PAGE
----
The Treasury Department moved swiftly Monday to implement the financial rescue package, naming a former Goldman Sachs executive to oversee spending the $700 billion earmarked for the plan and pledging to work with other countries to calm global financial markets.
The administration announced it had tapped Neel Kashkari, 35 – an assistant Treasury secretary for international affairs – to head the Treasury's new Office of Financial Stability on an interim basis.
Kashkari helped draft the legislation as one of Treasury Secretary Paulson's close advisers on the crisis. Kashkari joined the government after working at Goldman Sachs, the firm Paulson headed before joining the Bush administration in 2006.
The President's Working Group on Financial Markets, which includes Paulson and Federal Reserve Chairman Ben Bernanke, said it would move “with substantial force on a number of fronts” to implement the expanded authorities granted to the government when Congress passed the emergency rescue package last Friday.
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President Bush's top economic advisers also vowed to work with their counterparts around the world to restore confidence and stability to financial markets roiled by tight credit and worries about a global economic slowdown.
Officials made a number of rapid-fire moves Monday in an effort to demonstrate the government would not tarry in implementing the new program.
President Bush, speaking in San Antonio, said the rescue package was designed to unlock the nation's frozen credit markets “to get money moving again” through the economy. But he added, “We don't want to rush into the situation and have the program not be effective.”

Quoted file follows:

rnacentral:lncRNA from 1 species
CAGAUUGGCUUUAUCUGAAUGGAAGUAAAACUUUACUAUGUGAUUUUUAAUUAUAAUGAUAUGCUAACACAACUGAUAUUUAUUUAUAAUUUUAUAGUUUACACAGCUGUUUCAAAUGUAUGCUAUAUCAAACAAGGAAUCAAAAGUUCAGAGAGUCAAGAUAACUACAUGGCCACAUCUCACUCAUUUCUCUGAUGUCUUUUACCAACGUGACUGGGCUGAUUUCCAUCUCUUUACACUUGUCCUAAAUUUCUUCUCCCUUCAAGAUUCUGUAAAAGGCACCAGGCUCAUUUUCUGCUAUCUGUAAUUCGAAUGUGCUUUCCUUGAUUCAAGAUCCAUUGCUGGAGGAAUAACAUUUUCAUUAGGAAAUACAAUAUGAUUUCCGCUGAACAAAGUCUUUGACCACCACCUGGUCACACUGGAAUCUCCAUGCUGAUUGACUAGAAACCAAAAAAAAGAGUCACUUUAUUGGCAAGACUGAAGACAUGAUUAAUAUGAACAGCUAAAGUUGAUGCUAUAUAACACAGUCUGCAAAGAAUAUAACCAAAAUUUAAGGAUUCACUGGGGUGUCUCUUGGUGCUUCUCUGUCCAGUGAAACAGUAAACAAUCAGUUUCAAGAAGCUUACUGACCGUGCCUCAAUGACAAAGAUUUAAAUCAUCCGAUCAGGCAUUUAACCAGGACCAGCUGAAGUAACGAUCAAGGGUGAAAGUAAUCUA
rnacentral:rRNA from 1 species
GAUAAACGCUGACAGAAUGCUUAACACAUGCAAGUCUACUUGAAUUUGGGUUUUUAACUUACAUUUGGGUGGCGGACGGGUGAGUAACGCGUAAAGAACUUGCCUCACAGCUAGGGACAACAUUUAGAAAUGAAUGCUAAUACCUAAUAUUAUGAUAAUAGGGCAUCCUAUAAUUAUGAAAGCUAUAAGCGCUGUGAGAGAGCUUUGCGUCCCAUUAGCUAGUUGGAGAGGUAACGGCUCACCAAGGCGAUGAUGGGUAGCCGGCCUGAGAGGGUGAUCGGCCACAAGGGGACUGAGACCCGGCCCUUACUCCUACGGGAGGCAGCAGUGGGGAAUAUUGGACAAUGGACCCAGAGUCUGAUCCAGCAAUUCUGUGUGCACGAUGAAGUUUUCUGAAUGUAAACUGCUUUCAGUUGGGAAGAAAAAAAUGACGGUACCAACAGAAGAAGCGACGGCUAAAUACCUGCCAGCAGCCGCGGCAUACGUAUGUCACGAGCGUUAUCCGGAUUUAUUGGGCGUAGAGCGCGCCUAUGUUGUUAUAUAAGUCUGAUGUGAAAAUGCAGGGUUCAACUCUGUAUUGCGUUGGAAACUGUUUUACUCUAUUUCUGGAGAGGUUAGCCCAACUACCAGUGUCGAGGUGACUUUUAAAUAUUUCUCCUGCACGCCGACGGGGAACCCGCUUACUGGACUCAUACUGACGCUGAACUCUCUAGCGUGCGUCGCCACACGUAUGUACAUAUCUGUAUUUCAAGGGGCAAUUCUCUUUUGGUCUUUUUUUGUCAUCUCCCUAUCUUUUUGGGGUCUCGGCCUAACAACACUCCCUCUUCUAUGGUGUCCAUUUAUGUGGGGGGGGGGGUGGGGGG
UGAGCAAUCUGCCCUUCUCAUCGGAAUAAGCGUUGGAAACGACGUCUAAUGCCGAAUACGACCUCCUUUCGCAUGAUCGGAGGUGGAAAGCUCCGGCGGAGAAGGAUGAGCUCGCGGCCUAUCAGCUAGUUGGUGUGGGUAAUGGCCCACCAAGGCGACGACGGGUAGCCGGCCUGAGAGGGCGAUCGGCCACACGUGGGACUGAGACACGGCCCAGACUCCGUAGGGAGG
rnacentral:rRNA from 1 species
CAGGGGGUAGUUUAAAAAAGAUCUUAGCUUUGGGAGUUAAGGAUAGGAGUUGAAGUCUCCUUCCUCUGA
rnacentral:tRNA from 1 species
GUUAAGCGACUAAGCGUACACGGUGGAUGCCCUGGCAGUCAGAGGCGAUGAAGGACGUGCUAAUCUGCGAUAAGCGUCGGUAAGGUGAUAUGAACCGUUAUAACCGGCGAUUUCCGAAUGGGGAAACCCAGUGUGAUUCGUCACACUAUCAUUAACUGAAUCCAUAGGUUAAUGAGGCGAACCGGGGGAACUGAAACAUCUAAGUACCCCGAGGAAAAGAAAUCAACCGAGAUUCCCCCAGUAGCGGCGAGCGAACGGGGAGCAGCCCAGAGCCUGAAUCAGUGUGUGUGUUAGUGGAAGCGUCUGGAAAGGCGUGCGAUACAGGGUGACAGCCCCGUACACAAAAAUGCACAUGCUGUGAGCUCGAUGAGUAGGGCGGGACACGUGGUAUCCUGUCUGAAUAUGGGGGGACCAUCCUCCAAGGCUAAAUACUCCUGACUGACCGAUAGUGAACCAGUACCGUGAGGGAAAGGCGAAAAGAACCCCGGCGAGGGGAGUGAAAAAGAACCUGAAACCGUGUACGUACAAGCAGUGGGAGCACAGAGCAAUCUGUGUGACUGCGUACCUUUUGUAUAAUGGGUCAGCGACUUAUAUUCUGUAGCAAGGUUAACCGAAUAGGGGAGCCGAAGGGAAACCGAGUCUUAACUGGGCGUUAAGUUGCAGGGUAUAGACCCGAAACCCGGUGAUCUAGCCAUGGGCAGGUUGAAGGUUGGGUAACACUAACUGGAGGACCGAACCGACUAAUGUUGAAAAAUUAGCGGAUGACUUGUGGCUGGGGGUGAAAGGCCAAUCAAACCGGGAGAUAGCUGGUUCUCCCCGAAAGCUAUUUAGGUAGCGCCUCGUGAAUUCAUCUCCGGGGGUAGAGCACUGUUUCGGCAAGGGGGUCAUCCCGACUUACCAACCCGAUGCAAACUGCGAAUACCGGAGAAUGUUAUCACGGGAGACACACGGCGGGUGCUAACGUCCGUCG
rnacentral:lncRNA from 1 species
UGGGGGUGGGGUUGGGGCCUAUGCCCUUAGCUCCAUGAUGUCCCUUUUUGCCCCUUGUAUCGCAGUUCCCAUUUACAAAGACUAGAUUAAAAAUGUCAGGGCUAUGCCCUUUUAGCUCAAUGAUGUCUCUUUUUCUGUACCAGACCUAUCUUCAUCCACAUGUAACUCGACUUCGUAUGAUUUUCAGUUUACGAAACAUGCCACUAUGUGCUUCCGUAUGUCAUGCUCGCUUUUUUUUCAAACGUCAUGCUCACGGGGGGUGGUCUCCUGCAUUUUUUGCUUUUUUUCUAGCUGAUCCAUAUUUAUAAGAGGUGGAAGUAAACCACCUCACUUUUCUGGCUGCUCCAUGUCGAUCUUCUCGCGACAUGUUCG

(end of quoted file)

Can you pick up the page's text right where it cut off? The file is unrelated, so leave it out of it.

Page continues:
In one of the moves Monday, the Treasury Department released a set of guidelines for selecting the financial asset management firms that will run the program and for guarding against conflicts of interest.
The statement from the president's working group laid out a number of initiatives that the Treasury, the Fed and other government regulators including the Federal Deposit Insurance Corp. would be undertaking.
“The diversity of institutions and markets under stress, and the magnitude and complexity of the adjustment under way, requires that the tools available to policymakers, regulators and supervisors be used in forceful and coordinated ways across regulatory and supervisory agencies in the United States and throughout the world,” the working group said in its statement.